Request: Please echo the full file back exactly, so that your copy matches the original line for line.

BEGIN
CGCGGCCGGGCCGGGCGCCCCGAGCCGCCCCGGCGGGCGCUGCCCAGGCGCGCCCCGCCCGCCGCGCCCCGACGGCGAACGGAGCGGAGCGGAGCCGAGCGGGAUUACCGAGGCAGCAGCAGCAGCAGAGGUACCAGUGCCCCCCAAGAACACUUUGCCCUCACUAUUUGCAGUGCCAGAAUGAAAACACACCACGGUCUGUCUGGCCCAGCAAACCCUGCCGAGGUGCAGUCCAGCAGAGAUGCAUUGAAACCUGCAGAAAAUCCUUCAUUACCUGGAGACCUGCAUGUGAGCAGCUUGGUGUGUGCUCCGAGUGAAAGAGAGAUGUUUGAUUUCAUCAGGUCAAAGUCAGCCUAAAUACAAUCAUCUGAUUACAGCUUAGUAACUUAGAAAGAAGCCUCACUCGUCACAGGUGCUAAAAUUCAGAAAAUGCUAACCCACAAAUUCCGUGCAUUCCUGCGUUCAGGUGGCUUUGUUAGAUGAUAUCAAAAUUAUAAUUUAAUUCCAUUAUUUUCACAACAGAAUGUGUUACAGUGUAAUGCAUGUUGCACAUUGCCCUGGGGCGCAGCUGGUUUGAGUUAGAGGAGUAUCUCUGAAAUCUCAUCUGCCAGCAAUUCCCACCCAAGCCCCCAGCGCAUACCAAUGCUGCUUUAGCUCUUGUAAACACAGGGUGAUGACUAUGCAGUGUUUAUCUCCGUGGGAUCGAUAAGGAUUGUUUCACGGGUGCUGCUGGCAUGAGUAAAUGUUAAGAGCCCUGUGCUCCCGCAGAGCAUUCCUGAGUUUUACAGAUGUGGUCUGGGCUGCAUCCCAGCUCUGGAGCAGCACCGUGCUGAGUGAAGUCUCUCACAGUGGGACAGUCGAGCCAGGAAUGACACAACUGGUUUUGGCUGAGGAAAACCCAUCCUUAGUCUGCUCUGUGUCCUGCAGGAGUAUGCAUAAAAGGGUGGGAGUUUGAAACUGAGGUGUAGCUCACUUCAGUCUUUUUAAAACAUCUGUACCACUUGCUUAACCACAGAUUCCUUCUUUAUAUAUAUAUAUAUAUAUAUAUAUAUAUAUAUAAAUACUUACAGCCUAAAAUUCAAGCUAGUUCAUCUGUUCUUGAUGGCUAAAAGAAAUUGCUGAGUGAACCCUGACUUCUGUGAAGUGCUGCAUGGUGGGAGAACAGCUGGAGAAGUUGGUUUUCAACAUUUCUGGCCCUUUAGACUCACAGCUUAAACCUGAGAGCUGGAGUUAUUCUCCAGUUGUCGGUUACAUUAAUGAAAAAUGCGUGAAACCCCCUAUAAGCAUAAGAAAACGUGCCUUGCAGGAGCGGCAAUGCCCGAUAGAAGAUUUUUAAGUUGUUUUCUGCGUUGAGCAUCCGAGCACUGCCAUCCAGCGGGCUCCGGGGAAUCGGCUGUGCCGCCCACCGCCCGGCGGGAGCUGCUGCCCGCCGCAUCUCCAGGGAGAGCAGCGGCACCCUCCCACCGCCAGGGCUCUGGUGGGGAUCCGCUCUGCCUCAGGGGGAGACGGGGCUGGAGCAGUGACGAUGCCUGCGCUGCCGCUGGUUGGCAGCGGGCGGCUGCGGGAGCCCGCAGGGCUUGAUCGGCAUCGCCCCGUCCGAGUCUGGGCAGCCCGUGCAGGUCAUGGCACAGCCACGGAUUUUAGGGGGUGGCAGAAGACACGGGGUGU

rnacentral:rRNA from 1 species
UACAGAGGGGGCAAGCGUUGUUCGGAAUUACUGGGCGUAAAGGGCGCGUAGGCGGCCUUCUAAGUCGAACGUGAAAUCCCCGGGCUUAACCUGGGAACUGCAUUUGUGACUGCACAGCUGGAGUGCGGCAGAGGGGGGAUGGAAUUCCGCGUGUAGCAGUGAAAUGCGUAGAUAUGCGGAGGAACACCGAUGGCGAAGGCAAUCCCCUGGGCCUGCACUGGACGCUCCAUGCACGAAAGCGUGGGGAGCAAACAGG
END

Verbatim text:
CGCGGCCGGGCCGGGCGCCCCGAGCCGCCCCGGCGGGCGCUGCCCAGGCGCGCCCCGCCCGCCGCGCCCCGACGGCGAACGGAGCGGAGCGGAGCCGAGCGGGAUUACCGAGGCAGCAGCAGCAGCAGAGGUACCAGUGCCCCCCAAGAACACUUUGCCCUCACUAUUUGCAGUGCCAGAAUGAAAACACACCACGGUCUGUCUGGCCCAGCAAACCCUGCCGAGGUGCAGUCCAGCAGAGAUGCAUUGAAACCUGCAGAAAAUCCUUCAUUACCUGGAGACCUGCAUGUGAGCAGCUUGGUGUGUGCUCCGAGUGAAAGAGAGAUGUUUGAUUUCAUCAGGUCAAAGUCAGCCUAAAUACAAUCAUCUGAUUACAGCUUAGUAACUUAGAAAGAAGCCUCACUCGUCACAGGUGCUAAAAUUCAGAAAAUGCUAACCCACAAAUUCCGUGCAUUCCUGCGUUCAGGUGGCUUUGUUAGAUGAUAUCAAAAUUAUAAUUUAAUUCCAUUAUUUUCACAACAGAAUGUGUUACAGUGUAAUGCAUGUUGCACAUUGCCCUGGGGCGCAGCUGGUUUGAGUUAGAGGAGUAUCUCUGAAAUCUCAUCUGCCAGCAAUUCCCACCCAAGCCCCCAGCGCAUACCAAUGCUGCUUUAGCUCUUGUAAACACAGGGUGAUGACUAUGCAGUGUUUAUCUCCGUGGGAUCGAUAAGGAUUGUUUCACGGGUGCUGCUGGCAUGAGUAAAUGUUAAGAGCCCUGUGCUCCCGCAGAGCAUUCCUGAGUUUUACAGAUGUGGUCUGGGCUGCAUCCCAGCUCUGGAGCAGCACCGUGCUGAGUGAAGUCUCUCACAGUGGGACAGUCGAGCCAGGAAUGACACAACUGGUUUUGGCUGAGGAAAACCCAUCCUUAGUCUGCUCUGUGUCCUGCAGGAGUAUGCAUAAAAGGGUGGGAGUUUGAAACUGAGGUGUAGCUCACUUCAGUCUUUUUAAAACAUCUGUACCACUUGCUUAACCACAGAUUCCUUCUUUAUAUAUAUAUAUAUAUAUAUAUAUAUAUAUAUAAAUACUUACAGCCUAAAAUUCAAGCUAGUUCAUCUGUUCUUGAUGGCUAAAAGAAAUUGCUGAGUGAACCCUGACUUCUGUGAAGUGCUGCAUGGUGGGAGAACAGCUGGAGAAGUUGGUUUUCAACAUUUCUGGCCCUUUAGACUCACAGCUUAAACCUGAGAGCUGGAGUUAUUCUCCAGUUGUCGGUUACAUUAAUGAAAAAUGCGUGAAACCCCCUAUAAGCAUAAGAAAACGUGCCUUGCAGGAGCGGCAAUGCCCGAUAGAAGAUUUUUAAGUUGUUUUCUGCGUUGAGCAUCCGAGCACUGCCAUCCAGCGGGCUCCGGGGAAUCGGCUGUGCCGCCCACCGCCCGGCGGGAGCUGCUGCCCGCCGCAUCUCCAGGGAGAGCAGCGGCACCCUCCCACCGCCAGGGCUCUGGUGGGGAUCCGCUCUGCCUCAGGGGGAGACGGGGCUGGAGCAGUGACGAUGCCUGCGCUGCCGCUGGUUGGCAGCGGGCGGCUGCGGGAGCCCGCAGGGCUUGAUCGGCAUCGCCCCGUCCGAGUCUGGGCAGCCCGUGCAGGUCAUGGCACAGCCACGGAUUUUAGGGGGUGGCAGAAGACACGGGGUGU

rnacentral:rRNA from 1 species
UACAGAGGGGGCAAGCGUUGUUCGGAAUUACUGGGCGUAAAGGGCGCGUAGGCGGCCUUCUAAGUCGAACGUGAAAUCCCCGGGCUUAACCUGGGAACUGCAUUUGUGACUGCACAGCUGGAGUGCGGCAGAGGGGGGAUGGAAUUCCGCGUGUAGCAGUGAAAUGCGUAGAUAUGCGGAGGAACACCGAUGGCGAAGGCAAUCCCCUGGGCCUGCACUGGACGCUCCAUGCACGAAAGCGUGGGGAGCAAACAGG